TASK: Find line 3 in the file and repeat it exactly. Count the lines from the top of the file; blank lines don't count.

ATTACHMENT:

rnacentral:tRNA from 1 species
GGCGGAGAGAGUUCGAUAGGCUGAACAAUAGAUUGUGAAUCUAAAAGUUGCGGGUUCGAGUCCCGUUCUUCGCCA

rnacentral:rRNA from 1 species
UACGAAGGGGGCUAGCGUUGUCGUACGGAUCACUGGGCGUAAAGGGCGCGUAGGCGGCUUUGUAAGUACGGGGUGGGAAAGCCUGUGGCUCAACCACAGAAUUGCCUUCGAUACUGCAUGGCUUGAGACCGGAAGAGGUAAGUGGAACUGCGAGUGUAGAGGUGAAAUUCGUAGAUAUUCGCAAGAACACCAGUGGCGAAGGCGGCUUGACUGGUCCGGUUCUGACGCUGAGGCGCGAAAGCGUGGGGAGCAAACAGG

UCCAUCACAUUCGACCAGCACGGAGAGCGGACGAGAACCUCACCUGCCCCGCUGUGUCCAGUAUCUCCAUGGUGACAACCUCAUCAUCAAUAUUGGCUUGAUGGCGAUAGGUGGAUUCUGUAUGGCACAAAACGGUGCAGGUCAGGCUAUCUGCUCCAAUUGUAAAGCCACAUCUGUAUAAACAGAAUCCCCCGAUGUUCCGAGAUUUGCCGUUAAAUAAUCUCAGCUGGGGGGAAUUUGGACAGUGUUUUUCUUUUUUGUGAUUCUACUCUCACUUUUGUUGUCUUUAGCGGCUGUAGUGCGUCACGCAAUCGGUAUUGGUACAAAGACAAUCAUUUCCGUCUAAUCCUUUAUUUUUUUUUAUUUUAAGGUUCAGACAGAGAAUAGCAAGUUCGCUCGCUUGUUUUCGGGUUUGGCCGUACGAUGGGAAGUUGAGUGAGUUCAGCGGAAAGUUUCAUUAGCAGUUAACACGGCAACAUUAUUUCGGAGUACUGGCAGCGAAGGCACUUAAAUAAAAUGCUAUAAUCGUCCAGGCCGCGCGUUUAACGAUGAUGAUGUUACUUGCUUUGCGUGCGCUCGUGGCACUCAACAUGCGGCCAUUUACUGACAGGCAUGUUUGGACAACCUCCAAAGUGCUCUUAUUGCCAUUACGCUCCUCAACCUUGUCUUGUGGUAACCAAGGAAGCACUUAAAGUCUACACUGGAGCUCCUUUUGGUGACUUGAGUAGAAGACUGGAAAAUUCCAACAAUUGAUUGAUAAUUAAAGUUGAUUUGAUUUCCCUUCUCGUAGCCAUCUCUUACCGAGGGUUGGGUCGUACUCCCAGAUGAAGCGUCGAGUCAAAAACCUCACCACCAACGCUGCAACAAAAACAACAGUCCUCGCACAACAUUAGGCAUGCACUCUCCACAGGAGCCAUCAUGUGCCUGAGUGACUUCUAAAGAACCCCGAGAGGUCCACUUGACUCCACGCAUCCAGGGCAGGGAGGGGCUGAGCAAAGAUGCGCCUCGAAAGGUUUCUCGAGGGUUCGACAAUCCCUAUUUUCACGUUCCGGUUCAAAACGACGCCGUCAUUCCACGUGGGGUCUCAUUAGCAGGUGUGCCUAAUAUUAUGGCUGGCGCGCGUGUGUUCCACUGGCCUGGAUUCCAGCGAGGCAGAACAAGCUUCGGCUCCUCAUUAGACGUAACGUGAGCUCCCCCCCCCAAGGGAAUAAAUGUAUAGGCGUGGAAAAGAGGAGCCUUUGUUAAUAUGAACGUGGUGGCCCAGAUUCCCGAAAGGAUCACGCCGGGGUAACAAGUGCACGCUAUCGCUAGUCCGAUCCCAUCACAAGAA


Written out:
rnacentral:rRNA from 1 species